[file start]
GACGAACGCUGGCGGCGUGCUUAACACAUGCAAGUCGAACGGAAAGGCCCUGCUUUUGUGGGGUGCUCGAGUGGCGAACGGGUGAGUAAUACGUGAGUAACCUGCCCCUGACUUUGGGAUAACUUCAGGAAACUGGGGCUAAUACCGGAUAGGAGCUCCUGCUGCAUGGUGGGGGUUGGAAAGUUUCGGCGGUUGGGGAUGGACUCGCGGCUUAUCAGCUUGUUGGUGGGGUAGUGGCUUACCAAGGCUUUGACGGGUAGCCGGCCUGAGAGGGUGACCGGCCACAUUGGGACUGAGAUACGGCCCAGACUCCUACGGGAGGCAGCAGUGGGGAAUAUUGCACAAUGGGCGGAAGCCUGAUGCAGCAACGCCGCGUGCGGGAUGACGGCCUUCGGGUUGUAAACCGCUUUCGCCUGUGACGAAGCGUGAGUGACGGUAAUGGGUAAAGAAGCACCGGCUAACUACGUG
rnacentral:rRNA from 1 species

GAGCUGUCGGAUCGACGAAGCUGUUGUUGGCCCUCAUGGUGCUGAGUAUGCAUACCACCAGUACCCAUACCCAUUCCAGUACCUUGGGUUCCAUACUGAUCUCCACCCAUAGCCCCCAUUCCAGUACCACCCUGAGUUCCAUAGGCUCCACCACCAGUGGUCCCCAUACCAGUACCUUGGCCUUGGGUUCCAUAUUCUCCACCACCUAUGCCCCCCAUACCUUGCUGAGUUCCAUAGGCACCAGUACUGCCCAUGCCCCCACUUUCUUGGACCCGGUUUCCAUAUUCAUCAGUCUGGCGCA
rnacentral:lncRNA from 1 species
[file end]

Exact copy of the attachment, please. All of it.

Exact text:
GACGAACGCUGGCGGCGUGCUUAACACAUGCAAGUCGAACGGAAAGGCCCUGCUUUUGUGGGGUGCUCGAGUGGCGAACGGGUGAGUAAUACGUGAGUAACCUGCCCCUGACUUUGGGAUAACUUCAGGAAACUGGGGCUAAUACCGGAUAGGAGCUCCUGCUGCAUGGUGGGGGUUGGAAAGUUUCGGCGGUUGGGGAUGGACUCGCGGCUUAUCAGCUUGUUGGUGGGGUAGUGGCUUACCAAGGCUUUGACGGGUAGCCGGCCUGAGAGGGUGACCGGCCACAUUGGGACUGAGAUACGGCCCAGACUCCUACGGGAGGCAGCAGUGGGGAAUAUUGCACAAUGGGCGGAAGCCUGAUGCAGCAACGCCGCGUGCGGGAUGACGGCCUUCGGGUUGUAAACCGCUUUCGCCUGUGACGAAGCGUGAGUGACGGUAAUGGGUAAAGAAGCACCGGCUAACUACGUG
rnacentral:rRNA from 1 species

GAGCUGUCGGAUCGACGAAGCUGUUGUUGGCCCUCAUGGUGCUGAGUAUGCAUACCACCAGUACCCAUACCCAUUCCAGUACCUUGGGUUCCAUACUGAUCUCCACCCAUAGCCCCCAUUCCAGUACCACCCUGAGUUCCAUAGGCUCCACCACCAGUGGUCCCCAUACCAGUACCUUGGCCUUGGGUUCCAUAUUCUCCACCACCUAUGCCCCCCAUACCUUGCUGAGUUCCAUAGGCACCAGUACUGCCCAUGCCCCCACUUUCUUGGACCCGGUUUCCAUAUUCAUCAGUCUGGCGCA
rnacentral:lncRNA from 1 species